We used data from all the 938,932 births recorded at the Swedish Medical Birth Register (MBR) between 1 January 2002 and 31 December 2010. The MBR collects detailed and standardised information on nearly all pregnancies in Sweden culminating in delivery  and is administered by the National Board of Health and Welfare. Using a unique personal identification number, the MBR was linked to several other registries containing demographic and socioeconomic information and that are maintained by Statistics Sweden. The Swedish authorities prepared the research database and delivered it to us without the personal identification numbers to ensure the anonymity of the subjects. The Regional Ethics Review Board in southern Sweden (DNR 71/2006) approved the construction of the database.
The study selection process is shown in Fig 1. We selected singletons born alive (n = 908,956), since it is known that multiple births (n = 26,811) show a different intrauterine growth pattern from gestational weeks 28–30 . We also excluded cases with missing information about maternal age or birth order (n = 3406), babies with malformations (n = 32,116) and babies weighing less than 500 g (n = 100). Following the criteria previously published , we excluded babies with inconsistent information on birthweight according to gestational age (n = 10,665). We excluded babies with missing information regarding the MCB (n = 8090) and for whom we did not have any database specific identification number (n = 78). Finally, for the purpose of our study, we excluded babies born preterm (before week 37) (n = 37,484) or post-term (after week 42) (n = 3122), as well as babies from MCB with fewer than 100 observations (n = 2566). The final sample consisted of 811,329 babies born from 571,876 mothers from 109 different countries of origin.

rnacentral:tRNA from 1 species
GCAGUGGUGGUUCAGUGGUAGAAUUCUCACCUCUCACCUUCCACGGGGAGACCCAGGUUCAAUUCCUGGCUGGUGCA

Assessment of variables
The outcome variable was the birthweight in grams (g). In order to explain possible differences between MCB, we included information on the available maternal and child variables known to be associated with birthweight according to previous publications. Among child characteristics, we considered sex because females are lighter than boys on average [14,59], and we used the males as reference group. We also included gestational age because it is a main predictor of birthweight .